The first of my latest sock yarn dyeing experiments. When Gaby saw the gold and burgundy stripes her immediate reaction was that these were the Gryffindor colors, so I'm calling these socks Gryffindor. The color scheme is dark red brown for the toes, heels and cuffs and equal gold, dark amber and burgundy stripes for the foot and leg.
A few words about the process, as it was not the usual and is an example that not every failure is irreversible. The semi solid brown yarn started as an experiment in speckling. I had watched a video for using salt-shakers for speckling yarn and I bought a new salt-shaker, mixed salt, citric acid and red, blue, yellow and orange acid dyes, sprinkled the wet yarn and then microwaved it. The result was most unsatisfactory, probably because the salt shaker had very wide openings and instead of speckles I got splotches of color, the yarn looked ugly. I washed it and let it dry, had a hard look at it and decided to overdye it. I had some leftover dye solutions from another dyeing job, so I mixed some of them, I think some dark red, caramel and brown and overdyed the yarn. Initially I was bummed that it turned out so dark, but now I love it.
After I had decided that this yarn would become toes and heels, I needed to dye yarn for the body of the socks. My plan was to make three 4-round stripes in yellow, orange and red. I measured how much length of yarn I needed for one round of vanilla socks my size, then I wound the skein double and then into a very wide circle, so that every round contained approx. 12 rows when knitted into socks. Then I dyed one-third in yellow, waited for the dye to be exhausted by the yarn, then added the orange color and then the red. The yarn looked OK, but kind of childish with three primary colors and it didn't match the dark brown.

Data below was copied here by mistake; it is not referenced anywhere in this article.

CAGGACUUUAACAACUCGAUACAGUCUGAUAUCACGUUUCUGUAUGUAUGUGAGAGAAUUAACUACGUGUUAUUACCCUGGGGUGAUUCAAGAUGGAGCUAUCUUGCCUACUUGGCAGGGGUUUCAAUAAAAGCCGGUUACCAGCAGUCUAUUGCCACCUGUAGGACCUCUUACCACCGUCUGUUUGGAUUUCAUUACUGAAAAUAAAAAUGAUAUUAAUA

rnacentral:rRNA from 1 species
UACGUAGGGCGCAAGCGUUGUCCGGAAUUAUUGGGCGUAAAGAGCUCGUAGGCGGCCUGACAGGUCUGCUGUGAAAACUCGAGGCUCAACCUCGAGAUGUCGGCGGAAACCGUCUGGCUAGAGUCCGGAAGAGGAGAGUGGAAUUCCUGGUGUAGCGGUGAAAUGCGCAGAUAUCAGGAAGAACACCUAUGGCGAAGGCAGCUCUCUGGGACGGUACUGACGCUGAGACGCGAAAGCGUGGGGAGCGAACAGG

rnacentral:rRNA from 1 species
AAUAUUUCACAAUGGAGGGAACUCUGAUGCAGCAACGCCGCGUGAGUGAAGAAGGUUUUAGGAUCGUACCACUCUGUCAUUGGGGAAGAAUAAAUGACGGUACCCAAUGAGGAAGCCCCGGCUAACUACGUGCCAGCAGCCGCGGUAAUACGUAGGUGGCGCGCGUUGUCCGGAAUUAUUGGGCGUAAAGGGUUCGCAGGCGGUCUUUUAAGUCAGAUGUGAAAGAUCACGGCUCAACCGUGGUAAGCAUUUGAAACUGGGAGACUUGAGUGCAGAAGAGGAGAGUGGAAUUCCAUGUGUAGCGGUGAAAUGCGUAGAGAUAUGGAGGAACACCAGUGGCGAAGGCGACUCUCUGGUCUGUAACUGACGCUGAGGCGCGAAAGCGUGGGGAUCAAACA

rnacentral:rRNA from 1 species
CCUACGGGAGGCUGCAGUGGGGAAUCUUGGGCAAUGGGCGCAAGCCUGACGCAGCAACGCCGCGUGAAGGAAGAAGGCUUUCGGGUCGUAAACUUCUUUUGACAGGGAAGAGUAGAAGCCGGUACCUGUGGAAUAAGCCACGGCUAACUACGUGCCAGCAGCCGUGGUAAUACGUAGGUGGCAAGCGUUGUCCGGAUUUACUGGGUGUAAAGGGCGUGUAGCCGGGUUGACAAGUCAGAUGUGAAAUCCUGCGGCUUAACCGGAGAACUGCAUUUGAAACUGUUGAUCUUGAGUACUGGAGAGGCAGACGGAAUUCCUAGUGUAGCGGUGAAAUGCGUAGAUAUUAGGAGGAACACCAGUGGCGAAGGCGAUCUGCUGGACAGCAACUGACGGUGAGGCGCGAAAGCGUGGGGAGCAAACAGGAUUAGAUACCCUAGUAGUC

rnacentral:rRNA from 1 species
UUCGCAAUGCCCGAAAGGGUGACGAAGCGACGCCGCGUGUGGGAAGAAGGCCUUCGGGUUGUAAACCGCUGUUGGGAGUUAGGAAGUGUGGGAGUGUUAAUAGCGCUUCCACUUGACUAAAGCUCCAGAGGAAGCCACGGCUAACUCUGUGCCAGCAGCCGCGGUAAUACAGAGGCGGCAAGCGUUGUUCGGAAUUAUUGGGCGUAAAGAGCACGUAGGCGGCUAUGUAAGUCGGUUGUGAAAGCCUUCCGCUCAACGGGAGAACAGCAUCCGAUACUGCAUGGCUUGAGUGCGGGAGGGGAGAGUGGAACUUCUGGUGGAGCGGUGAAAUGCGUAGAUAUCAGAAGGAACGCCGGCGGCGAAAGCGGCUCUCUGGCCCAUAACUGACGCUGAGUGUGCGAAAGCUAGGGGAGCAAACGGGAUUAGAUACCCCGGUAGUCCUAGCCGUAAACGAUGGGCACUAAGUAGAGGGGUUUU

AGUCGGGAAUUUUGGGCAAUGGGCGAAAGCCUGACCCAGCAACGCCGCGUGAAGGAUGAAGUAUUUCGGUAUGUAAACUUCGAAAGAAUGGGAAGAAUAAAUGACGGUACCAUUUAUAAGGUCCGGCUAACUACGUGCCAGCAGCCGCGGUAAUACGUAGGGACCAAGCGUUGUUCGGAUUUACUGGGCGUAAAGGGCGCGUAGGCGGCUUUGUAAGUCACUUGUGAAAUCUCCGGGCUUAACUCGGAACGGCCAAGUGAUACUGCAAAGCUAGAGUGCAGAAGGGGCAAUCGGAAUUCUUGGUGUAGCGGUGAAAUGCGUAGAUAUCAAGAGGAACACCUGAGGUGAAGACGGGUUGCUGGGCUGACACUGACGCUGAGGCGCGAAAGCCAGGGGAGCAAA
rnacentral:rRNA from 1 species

So, I made a solution of caramel color I had left from a mixture for a previous sock yarn and soaked the whole skein in it. The colors darkened and were definitely better looking, but the yellow and the orange became very similar. So I made one more solution with pure brown and dipped the orange and red sections in it, leaving the yellow outside the pot. Thus I got the dark amber from the initial orange and the burgundy from the initial pinkish red. Now I am very, very pleased with the colors. The orange family of colors is very much my thing!
And just a couple of pictures of yesterday's cake - this is the long weekend of the Liberation Day, our national holiday, so I made a fruit cake in the colors of the flag. We love cakes, so any